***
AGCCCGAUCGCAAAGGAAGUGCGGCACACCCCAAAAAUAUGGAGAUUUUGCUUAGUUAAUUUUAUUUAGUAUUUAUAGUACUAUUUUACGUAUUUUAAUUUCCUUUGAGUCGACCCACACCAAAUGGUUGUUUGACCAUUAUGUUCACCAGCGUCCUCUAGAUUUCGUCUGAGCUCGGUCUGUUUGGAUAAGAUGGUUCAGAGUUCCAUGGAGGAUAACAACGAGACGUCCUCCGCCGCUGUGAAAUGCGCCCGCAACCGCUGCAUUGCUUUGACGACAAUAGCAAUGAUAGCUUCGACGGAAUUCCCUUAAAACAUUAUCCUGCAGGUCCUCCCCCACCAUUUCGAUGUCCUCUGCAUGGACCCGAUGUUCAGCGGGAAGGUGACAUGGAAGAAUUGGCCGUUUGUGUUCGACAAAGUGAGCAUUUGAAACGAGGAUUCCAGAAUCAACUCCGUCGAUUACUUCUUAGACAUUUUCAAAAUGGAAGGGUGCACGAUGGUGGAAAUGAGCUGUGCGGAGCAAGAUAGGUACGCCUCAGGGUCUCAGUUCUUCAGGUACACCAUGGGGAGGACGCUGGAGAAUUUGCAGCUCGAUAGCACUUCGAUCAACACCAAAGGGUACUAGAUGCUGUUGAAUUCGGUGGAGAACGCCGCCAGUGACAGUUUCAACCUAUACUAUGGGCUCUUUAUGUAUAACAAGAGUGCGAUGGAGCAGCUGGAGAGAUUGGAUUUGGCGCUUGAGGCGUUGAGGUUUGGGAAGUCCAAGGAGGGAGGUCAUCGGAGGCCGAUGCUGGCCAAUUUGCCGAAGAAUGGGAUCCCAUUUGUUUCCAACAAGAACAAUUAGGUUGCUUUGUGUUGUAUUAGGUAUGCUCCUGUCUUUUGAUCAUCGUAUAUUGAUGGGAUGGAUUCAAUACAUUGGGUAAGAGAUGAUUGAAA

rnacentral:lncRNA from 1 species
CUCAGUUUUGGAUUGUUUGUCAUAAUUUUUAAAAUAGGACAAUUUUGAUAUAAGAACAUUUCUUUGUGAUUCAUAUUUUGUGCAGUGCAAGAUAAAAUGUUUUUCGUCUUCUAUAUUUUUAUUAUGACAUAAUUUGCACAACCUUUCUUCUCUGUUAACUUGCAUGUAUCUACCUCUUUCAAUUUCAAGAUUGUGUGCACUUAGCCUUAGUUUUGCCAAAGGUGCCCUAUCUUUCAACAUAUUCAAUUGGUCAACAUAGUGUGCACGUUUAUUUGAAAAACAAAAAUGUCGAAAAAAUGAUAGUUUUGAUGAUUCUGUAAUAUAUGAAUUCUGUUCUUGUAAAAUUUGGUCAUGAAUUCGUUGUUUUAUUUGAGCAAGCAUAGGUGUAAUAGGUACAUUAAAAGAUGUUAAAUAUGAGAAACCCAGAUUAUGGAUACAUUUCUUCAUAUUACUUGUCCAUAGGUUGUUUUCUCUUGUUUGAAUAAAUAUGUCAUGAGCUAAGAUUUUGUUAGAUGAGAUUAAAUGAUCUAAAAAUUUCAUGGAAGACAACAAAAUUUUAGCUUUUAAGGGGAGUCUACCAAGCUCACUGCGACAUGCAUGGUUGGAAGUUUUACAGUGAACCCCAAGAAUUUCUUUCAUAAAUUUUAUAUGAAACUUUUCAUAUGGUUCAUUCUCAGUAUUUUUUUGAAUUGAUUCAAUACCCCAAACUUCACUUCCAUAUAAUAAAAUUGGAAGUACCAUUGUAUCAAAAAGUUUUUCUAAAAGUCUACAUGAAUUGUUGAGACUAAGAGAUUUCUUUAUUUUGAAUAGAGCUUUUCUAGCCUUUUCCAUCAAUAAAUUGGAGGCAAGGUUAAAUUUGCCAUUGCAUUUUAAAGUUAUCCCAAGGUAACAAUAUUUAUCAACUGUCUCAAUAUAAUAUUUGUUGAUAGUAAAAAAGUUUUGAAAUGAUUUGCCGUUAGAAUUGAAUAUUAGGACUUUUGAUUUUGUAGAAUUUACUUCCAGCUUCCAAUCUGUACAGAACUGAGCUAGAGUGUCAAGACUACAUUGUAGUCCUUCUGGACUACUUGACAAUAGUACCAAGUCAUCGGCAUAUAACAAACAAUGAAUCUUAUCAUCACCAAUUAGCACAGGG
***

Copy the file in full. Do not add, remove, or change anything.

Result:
AGCCCGAUCGCAAAGGAAGUGCGGCACACCCCAAAAAUAUGGAGAUUUUGCUUAGUUAAUUUUAUUUAGUAUUUAUAGUACUAUUUUACGUAUUUUAAUUUCCUUUGAGUCGACCCACACCAAAUGGUUGUUUGACCAUUAUGUUCACCAGCGUCCUCUAGAUUUCGUCUGAGCUCGGUCUGUUUGGAUAAGAUGGUUCAGAGUUCCAUGGAGGAUAACAACGAGACGUCCUCCGCCGCUGUGAAAUGCGCCCGCAACCGCUGCAUUGCUUUGACGACAAUAGCAAUGAUAGCUUCGACGGAAUUCCCUUAAAACAUUAUCCUGCAGGUCCUCCCCCACCAUUUCGAUGUCCUCUGCAUGGACCCGAUGUUCAGCGGGAAGGUGACAUGGAAGAAUUGGCCGUUUGUGUUCGACAAAGUGAGCAUUUGAAACGAGGAUUCCAGAAUCAACUCCGUCGAUUACUUCUUAGACAUUUUCAAAAUGGAAGGGUGCACGAUGGUGGAAAUGAGCUGUGCGGAGCAAGAUAGGUACGCCUCAGGGUCUCAGUUCUUCAGGUACACCAUGGGGAGGACGCUGGAGAAUUUGCAGCUCGAUAGCACUUCGAUCAACACCAAAGGGUACUAGAUGCUGUUGAAUUCGGUGGAGAACGCCGCCAGUGACAGUUUCAACCUAUACUAUGGGCUCUUUAUGUAUAACAAGAGUGCGAUGGAGCAGCUGGAGAGAUUGGAUUUGGCGCUUGAGGCGUUGAGGUUUGGGAAGUCCAAGGAGGGAGGUCAUCGGAGGCCGAUGCUGGCCAAUUUGCCGAAGAAUGGGAUCCCAUUUGUUUCCAACAAGAACAAUUAGGUUGCUUUGUGUUGUAUUAGGUAUGCUCCUGUCUUUUGAUCAUCGUAUAUUGAUGGGAUGGAUUCAAUACAUUGGGUAAGAGAUGAUUGAAA

rnacentral:lncRNA from 1 species
CUCAGUUUUGGAUUGUUUGUCAUAAUUUUUAAAAUAGGACAAUUUUGAUAUAAGAACAUUUCUUUGUGAUUCAUAUUUUGUGCAGUGCAAGAUAAAAUGUUUUUCGUCUUCUAUAUUUUUAUUAUGACAUAAUUUGCACAACCUUUCUUCUCUGUUAACUUGCAUGUAUCUACCUCUUUCAAUUUCAAGAUUGUGUGCACUUAGCCUUAGUUUUGCCAAAGGUGCCCUAUCUUUCAACAUAUUCAAUUGGUCAACAUAGUGUGCACGUUUAUUUGAAAAACAAAAAUGUCGAAAAAAUGAUAGUUUUGAUGAUUCUGUAAUAUAUGAAUUCUGUUCUUGUAAAAUUUGGUCAUGAAUUCGUUGUUUUAUUUGAGCAAGCAUAGGUGUAAUAGGUACAUUAAAAGAUGUUAAAUAUGAGAAACCCAGAUUAUGGAUACAUUUCUUCAUAUUACUUGUCCAUAGGUUGUUUUCUCUUGUUUGAAUAAAUAUGUCAUGAGCUAAGAUUUUGUUAGAUGAGAUUAAAUGAUCUAAAAAUUUCAUGGAAGACAACAAAAUUUUAGCUUUUAAGGGGAGUCUACCAAGCUCACUGCGACAUGCAUGGUUGGAAGUUUUACAGUGAACCCCAAGAAUUUCUUUCAUAAAUUUUAUAUGAAACUUUUCAUAUGGUUCAUUCUCAGUAUUUUUUUGAAUUGAUUCAAUACCCCAAACUUCACUUCCAUAUAAUAAAAUUGGAAGUACCAUUGUAUCAAAAAGUUUUUCUAAAAGUCUACAUGAAUUGUUGAGACUAAGAGAUUUCUUUAUUUUGAAUAGAGCUUUUCUAGCCUUUUCCAUCAAUAAAUUGGAGGCAAGGUUAAAUUUGCCAUUGCAUUUUAAAGUUAUCCCAAGGUAACAAUAUUUAUCAACUGUCUCAAUAUAAUAUUUGUUGAUAGUAAAAAAGUUUUGAAAUGAUUUGCCGUUAGAAUUGAAUAUUAGGACUUUUGAUUUUGUAGAAUUUACUUCCAGCUUCCAAUCUGUACAGAACUGAGCUAGAGUGUCAAGACUACAUUGUAGUCCUUCUGGACUACUUGACAAUAGUACCAAGUCAUCGGCAUAUAACAAACAAUGAAUCUUAUCAUCACCAAUUAGCACAGGG